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Thursday, May 11, 2017, 12:57
Maker of smiles
By LOW SHI PING in Singapore
Thursday, May 11, 2017, 12:57 By LOW SHI PING in Singapore

A passion for serving people has taken a former tour guide to the top of his game in destination event management

(Ma Xuejing / CHINA DAILY)

How do you make 35,000 people fall in love with a country? That was the challenge Bert Chamrernnusit faced in 2012.

Rotary International had decided to hold its four-day annual convention in Bangkok, and Pacific World Meetings & Events (Thailand) had been made the official transportation vendor.

As Pacific World’s destination manager at the time, the responsibility for seamless delivery of the Rotary event’s logistics fell to Chamrernnusit and his team.

“There was a point during the convention that we had to move 15,000 delegates within one hour, which we did by using almost 700 coaches,” he recalled.

And yet, it would be wrong to suggest that just moving people around efficiently is his key performance indicator.

Since his entry into the hospitality industry in 1997, Chamrernnusit has had a single-minded focus: To make visitors to Thailand fall in love with his country.

“When I wake up every day, I think that there will be another couple or group of people who are going to love this country (with my help),” said the 41-year-old, who is passionate to a fault about Thailand.

He seems to have succeeded. At the end of the convention, Rotary International announced it was the largest event it had organized, and the logistics amounted to “one of the best experiences they have had in Thailand”.

Two years later, in 2014, he was promoted to country manager, and today Thailand consistently ranks as the No 1 market for Pacific World in Southeast Asia.

This despite the recent challenges the country has faced, such as the implementation of the state of emergency and martial law — which have since been lifted — and a series of bomb blasts in Bangkok, Hua Hin and Phuket in the past two years.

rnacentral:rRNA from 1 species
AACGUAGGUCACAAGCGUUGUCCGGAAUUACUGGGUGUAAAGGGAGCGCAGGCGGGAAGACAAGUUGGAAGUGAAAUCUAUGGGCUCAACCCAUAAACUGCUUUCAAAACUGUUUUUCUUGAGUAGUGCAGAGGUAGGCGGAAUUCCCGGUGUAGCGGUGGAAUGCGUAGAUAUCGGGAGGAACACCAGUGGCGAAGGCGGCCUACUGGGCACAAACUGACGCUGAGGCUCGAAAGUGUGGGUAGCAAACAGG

Chamrernnusit is quick to point out that Thailand has always “bounced back from whatever difficult times (it has) had”.

“Business was good last year; this year it will be even better. Since October 2016, we have seen a steady pickup in the number of requests.”

The reasons are obvious. As well as having great weather all year round, rich cultural heritage, abundance of nature and being value for money, Thailand is known as the Land of Smiles — and it is easy to see why.

Hospitality comes naturally to the Thais, who are known to be warm, gentle and peace-loving. Chamrernnusit’s job is simply to bring out these qualities in his team, for winning over clients.

“I try to influence my team with the passion that I have for serving people. I tell them to think about the happy faces of our clients when they are delivered good service.

“It is about constantly reminding them of the importance of putting their heart into their work and being motivated by the gratitude eventually shown to them.”

He is also a big advocate of sharing knowledge chalked up from team members’ past experiences. When passed on to the client, this can enable right decisions toward making an event successful.

“For me, it is about bringing everyone together in the same pot to share from each other — whether it is daily, weekly or after a major event — so everyone is up to speed.”

Aside from team management, Chamrernnusit’s time is spent keeping abreast of what is happening in his country, seeking out fresh ideas, and planning and executing events for clients.

Another memorable event he organized was a luxury incentive trip in 2014 for about 100 executives from a high-end car brand in North America.

“They were arriving in Bangkok after a long flight. How was I going to help them not think about that plane journey they just had?” he had wondered.

At the same time, he was keen to showcase the authentic face of Thailand.

That was how he found himself in a convoy of 150 tuk-tuks driving through the city, accompanied by police escort, and each affixed with the client’s company flag.

When the group moved to the popular island destination of Koh Samui, he arranged for a meal to be catered in Ang Thong National Park, fringed by a beach.

“When they cruised in, we were ready with low tables and beanbags on the sand. Therapists were waiting to give massages, and all our staff were wearing uniforms stitched with the client’s company logo.”